Mercedes-Benz G-Class Driving, Engines & Performance | Top Gear
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Mercedes-Benz G-Class review

Published: 07 Jan 2022


What is it like to drive?

The old G-Class was an utter liability, especially the G63, almost lethally unstable and unable to cope with the demands placed upon it by the rampant engine. The new one is a… revelation. I can’t believe the transformation. OK, it’s not a Range Rover, there’s still a trace of ladder fame shudder and shimmy on rough roads, but the ride, the steering, the drivability – it’s on another level.

Here’s a two-metre tall, 2.5-tonne SUV that can actually be driven with some verve. No longer will you set out for a long trip with trepidation, no longer will corners petrify. You used to be able to swing the steering over a wide arc in the old recirculating ball-equipped car, and nothing would happen. Don’t try that now. You’ll actually change direction.

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There’s proper rack and pinion steering and although the type of people who wear camo trousers might loathe the loss of the front beam axle (independent driveshafts now drop out of either side of the front differential casing), the new-found composure and trust is a revelation. The front end has grip, the roll is way better managed than you expect and the G63 engine...

I’m still not sure it’s necessary for the G63 to be this fast. 0-62mph in 4.5secs is bonkers, but there’s now less disparity between the acceleration, handling and brakes. The advantage still lies with the engine, and it’s hard to resist its charms, either the hoof-in-the-back acceleration or the accompanying V8 rumble and roar from the side exit pipes. It is ballistically fast in a way something that weighs 2,485kg probably shouldn’t be. At least the brakes do what they’re supposed to now. That’s new, too.

Oddly for what is Mercedes’ least sporting car, it’s become synonymous with AMG – 577bhp G63 AMGs complete with twin side-exit exhausts seem to outnumber black cabs in the English capital. But there is another way to G-Wagen, and it’s the sensible G400d. The bumpers are – believe it or not – softer-looking and more rounded than the square-jawed ’63. Wheels are more modest because they don’t have to contain family pizza-sized brakes. 

It’s the entry-level model, replacing the now discontinued G350d but using an uprated version of the same 3.0-litre twin-turbo straight six. No tri-turbo or V8, but a useful power hike of 43bhp and 74lb ft over the old one, for totals of 325bhp and 516lb ft, the latter delivered at a mere 1,200rpm.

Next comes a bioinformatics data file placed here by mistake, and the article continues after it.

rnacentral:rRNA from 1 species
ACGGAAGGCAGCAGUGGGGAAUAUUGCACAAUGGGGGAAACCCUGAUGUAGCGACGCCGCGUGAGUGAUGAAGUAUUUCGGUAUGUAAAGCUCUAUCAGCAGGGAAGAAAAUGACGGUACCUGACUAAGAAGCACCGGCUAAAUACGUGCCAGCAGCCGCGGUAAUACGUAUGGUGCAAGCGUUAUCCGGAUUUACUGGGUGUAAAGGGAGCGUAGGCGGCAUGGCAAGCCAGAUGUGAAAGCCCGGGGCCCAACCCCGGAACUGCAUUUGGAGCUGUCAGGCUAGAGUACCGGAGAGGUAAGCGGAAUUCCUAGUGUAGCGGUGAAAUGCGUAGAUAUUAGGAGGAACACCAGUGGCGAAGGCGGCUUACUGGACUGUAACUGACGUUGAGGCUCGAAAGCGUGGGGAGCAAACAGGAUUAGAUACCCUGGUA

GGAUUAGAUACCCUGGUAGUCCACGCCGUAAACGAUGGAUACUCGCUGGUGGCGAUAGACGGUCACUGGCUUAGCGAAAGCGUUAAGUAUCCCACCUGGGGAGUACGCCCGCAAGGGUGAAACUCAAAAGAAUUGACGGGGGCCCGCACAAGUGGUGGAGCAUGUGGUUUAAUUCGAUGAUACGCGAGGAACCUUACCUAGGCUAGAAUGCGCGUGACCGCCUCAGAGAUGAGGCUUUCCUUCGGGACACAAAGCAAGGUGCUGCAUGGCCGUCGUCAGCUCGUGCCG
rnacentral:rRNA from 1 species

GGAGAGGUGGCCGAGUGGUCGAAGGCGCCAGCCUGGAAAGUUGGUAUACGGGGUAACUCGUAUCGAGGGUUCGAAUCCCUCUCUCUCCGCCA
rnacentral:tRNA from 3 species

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And that’s what matters. Having that much thump available so low down and giving performance commensurate with your expectations. It does 0-62mph in 6.4secs, which is swift enough – quicker than a Range Rover D350 (7.1secs) even though the 2,489kg G is a couple of hundred kilos heavier. Swifter, more responsive gearbox in the Merc too.

And by plumping for turbodiesel power, the sacrifice of two seconds from the G’s 0-62mph time is repaid with a £55,000 price cut – to £108,815. It’s still a phenomenally expensive machine, but at least this one might crack 20 miles to the gallon. 

So on-road it has the composure and manners that may not better a Range Rover in terms of smoothness and silence, but do at least make it a realistic alternative. And off-road it can do things that are literally unbelievable. Pressing the centre diff lock button changes the modes from road settings - Comfort, Sport, Eco (!), Individual - to G-Mode, which can be left to do its own thing, or you can pick from Sand, Trail and Rock positions, where the settings of the suspension stiffness, steering weight and engine are adapted accordingly.

But it’s what happens when you lock the rear and front differentials and select low range that’s uncanny. The G-Class becomes unstoppable, you just point it at stuff, take it slow and all that torque meters itself out in an entirely different and much more precise way. It is imperious off-road, feels ultra-durable and tough.

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